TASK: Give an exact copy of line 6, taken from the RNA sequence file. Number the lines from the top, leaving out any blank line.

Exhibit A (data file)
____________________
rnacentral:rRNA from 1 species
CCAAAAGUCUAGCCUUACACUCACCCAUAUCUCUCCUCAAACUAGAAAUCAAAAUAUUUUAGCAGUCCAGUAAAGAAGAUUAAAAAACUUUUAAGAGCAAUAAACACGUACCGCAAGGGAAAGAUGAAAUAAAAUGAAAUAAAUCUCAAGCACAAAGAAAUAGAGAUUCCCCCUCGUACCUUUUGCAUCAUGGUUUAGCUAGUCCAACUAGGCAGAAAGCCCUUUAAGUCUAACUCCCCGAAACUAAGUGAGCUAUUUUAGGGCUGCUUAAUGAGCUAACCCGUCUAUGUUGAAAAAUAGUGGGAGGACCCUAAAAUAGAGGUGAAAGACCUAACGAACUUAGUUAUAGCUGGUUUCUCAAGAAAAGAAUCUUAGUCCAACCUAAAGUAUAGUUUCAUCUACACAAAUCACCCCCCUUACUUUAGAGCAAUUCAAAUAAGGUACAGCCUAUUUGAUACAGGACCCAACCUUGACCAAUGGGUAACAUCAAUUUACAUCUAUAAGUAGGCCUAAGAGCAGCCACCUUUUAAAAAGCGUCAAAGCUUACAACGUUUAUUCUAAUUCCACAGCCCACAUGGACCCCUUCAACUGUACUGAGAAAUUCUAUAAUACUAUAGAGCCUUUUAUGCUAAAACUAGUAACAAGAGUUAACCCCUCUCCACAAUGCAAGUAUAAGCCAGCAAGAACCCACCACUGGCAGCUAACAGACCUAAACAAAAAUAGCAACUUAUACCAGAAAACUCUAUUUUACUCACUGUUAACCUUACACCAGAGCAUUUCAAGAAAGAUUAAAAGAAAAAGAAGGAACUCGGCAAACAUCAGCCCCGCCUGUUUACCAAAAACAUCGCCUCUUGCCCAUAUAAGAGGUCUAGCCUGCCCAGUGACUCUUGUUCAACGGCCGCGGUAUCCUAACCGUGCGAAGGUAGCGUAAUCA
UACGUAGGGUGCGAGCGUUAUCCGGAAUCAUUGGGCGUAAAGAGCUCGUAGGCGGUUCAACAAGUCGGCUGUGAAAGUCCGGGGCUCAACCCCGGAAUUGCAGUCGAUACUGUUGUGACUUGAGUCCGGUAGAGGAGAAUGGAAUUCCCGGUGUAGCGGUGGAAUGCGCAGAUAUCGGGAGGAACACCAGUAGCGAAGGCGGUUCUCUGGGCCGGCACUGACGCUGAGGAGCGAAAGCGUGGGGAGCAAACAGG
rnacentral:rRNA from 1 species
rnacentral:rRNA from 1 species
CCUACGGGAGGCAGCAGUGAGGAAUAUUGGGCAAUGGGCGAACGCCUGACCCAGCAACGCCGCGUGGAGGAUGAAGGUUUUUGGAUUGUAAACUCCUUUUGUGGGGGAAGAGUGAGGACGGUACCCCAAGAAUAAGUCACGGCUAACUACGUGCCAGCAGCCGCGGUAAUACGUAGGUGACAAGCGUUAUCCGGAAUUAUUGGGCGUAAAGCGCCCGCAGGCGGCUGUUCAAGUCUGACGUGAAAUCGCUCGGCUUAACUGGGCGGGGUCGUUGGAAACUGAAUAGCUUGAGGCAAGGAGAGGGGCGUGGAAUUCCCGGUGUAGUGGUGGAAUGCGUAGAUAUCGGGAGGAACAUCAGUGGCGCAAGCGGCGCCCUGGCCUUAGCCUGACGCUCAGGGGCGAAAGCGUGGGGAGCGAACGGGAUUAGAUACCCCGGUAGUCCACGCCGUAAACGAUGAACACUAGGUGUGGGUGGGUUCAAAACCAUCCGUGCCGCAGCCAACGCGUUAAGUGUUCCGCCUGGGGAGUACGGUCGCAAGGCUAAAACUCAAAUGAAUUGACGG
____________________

CCUACGGGAGGCAGCAGUGAGGAAUAUUGGGCAAUGGGCGAACGCCUGACCCAGCAACGCCGCGUGGAGGAUGAAGGUUUUUGGAUUGUAAACUCCUUUUGUGGGGGAAGAGUGAGGACGGUACCCCAAGAAUAAGUCACGGCUAACUACGUGCCAGCAGCCGCGGUAAUACGUAGGUGACAAGCGUUAUCCGGAAUUAUUGGGCGUAAAGCGCCCGCAGGCGGCUGUUCAAGUCUGACGUGAAAUCGCUCGGCUUAACUGGGCGGGGUCGUUGGAAACUGAAUAGCUUGAGGCAAGGAGAGGGGCGUGGAAUUCCCGGUGUAGUGGUGGAAUGCGUAGAUAUCGGGAGGAACAUCAGUGGCGCAAGCGGCGCCCUGGCCUUAGCCUGACGCUCAGGGGCGAAAGCGUGGGGAGCGAACGGGAUUAGAUACCCCGGUAGUCCACGCCGUAAACGAUGAACACUAGGUGUGGGUGGGUUCAAAACCAUCCGUGCCGCAGCCAACGCGUUAAGUGUUCCGCCUGGGGAGUACGGUCGCAAGGCUAAAACUCAAAUGAAUUGACGG